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Baking cheesecake is hard, but it's going to get a little bit easier after reading this. You'll be able to answer your cheesecake questions, such as "Why did my cheesecake crack?" and "Do I really need a water bath?", and before you know it, your cheesecakes will be the talk of the town.
Making the Crust and Batter
What speed do I mix the filling on?
Don’t go above medium speed with your mixer, to avoid overmixing and ensure you do not incorporate too much air into the batter. Too much air and an overmixed batter lead to cracks and bubbles on the surface of your cheesecake. Note that a few bubbles are generally unavoidable. However, if more than a few are on the top of your baked cheesecake, you likely overmixed the batter.
I’m feeling adventurous. What can I replace in a recipe if I want to try something new?
The easiest swap is with crusts! There are so many different types of crusts that you can do for your cheesecake, besides the traditional graham cracker. Try crushing up Oreos, shortbread, or Nutter Butters and mixing with butter instead of graham crackers. Juniors cheesecake in New York is known for their sponge cake crust (delish).
Another easy way to customize your cheesecake is by crumbling and adding a candy, cookie, or fruit into the batter right before cooking. To make a gorgeous fruit-swirled cheesecake, puree the fruit you’re interested in. Then swirl directly into the filling that you’ve already poured into your prepared crust.
For full delicious pieces of fruit, candy, or cookies incorporated directly into the batter, chop into bite-size pieces. Then fold into the fully-prepared batter before pouring into the pan.
My New York Cheesecake is a perfect base for these types of customization!
Swapping out ingredients that are completely incorporated into the filling of the cheesecake is a little more tricky, because the basic ratios behind cheesecake need to be maintained in order to ensure it will still bake the same and will set, without curdling or turning into a gooey mess. However, it can be done!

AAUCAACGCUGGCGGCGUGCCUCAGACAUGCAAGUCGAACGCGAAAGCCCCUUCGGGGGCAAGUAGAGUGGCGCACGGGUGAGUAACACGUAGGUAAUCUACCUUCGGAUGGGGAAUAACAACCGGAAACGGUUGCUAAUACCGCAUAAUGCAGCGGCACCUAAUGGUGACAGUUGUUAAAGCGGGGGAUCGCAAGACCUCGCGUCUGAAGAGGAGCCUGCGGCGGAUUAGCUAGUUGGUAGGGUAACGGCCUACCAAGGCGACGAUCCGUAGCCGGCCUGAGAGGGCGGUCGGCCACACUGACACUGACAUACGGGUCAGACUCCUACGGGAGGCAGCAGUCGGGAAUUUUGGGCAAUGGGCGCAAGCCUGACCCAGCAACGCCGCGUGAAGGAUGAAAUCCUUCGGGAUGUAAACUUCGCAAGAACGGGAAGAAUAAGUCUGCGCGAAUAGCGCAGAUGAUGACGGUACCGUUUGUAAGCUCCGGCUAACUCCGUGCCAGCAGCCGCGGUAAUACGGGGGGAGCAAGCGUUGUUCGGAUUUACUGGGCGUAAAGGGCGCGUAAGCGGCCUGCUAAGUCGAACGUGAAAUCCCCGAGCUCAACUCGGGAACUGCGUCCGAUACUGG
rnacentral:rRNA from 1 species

For example, adding a bunch of eggs of extra eggs to the batter will cause the cheesecake to soufflé (e.g., puff up in the oven, then settle), which can lead to a desirable, light texture if it’s what you’re going for! Check out the Bravetart cookbook for her souffléd cheesecake recipe if this interests you.
For cheesecakes that you want the taste to be fully incorporated into the batter, like pumpkin or raspberry (or whatever else your heart desires), there may be some trial and error involved. Generally, to get the full effect of the additional ingredient, you’ll want to add about ½ cup to 1 cup of the ingredient to the batter. Most of the time, you can use a regular recipe and just add to it. However, with very watery ingredients like fruit juices, you’ll probably want to add 2-3 additional tablespoon of corn starch to your batter as well, to ensure it still firms up in the oven.
Baking the Cheesecake
Do I really need a water bath?
You cannot bake a cheesecake without a water bath.
Ok, so I guess you technically can, but it’s much more likely to overbake and get the dreaded crack on top. So usually, the 30 seconds it takes to do a water bath is worth it. That said, I’ve had plenty of cracked cheesecakes, and they taste just as good. So, if you REALLY don’t want to, you’ll be fine, but I still recommend it.
If you do a water bath, be sure to wrap the outside bottom of the pan with aluminum foil to ensure water doesn’t get into the bottom of your cheesecake!!
I want to check on my cheesecake! Can I open the oven door?
Not unless you want a fallen or cracked cheesecake! Avoid opening the oven door until about 10 minutes before the cheesecake is supposed to be done.
When do I take the cheesecake out of the oven?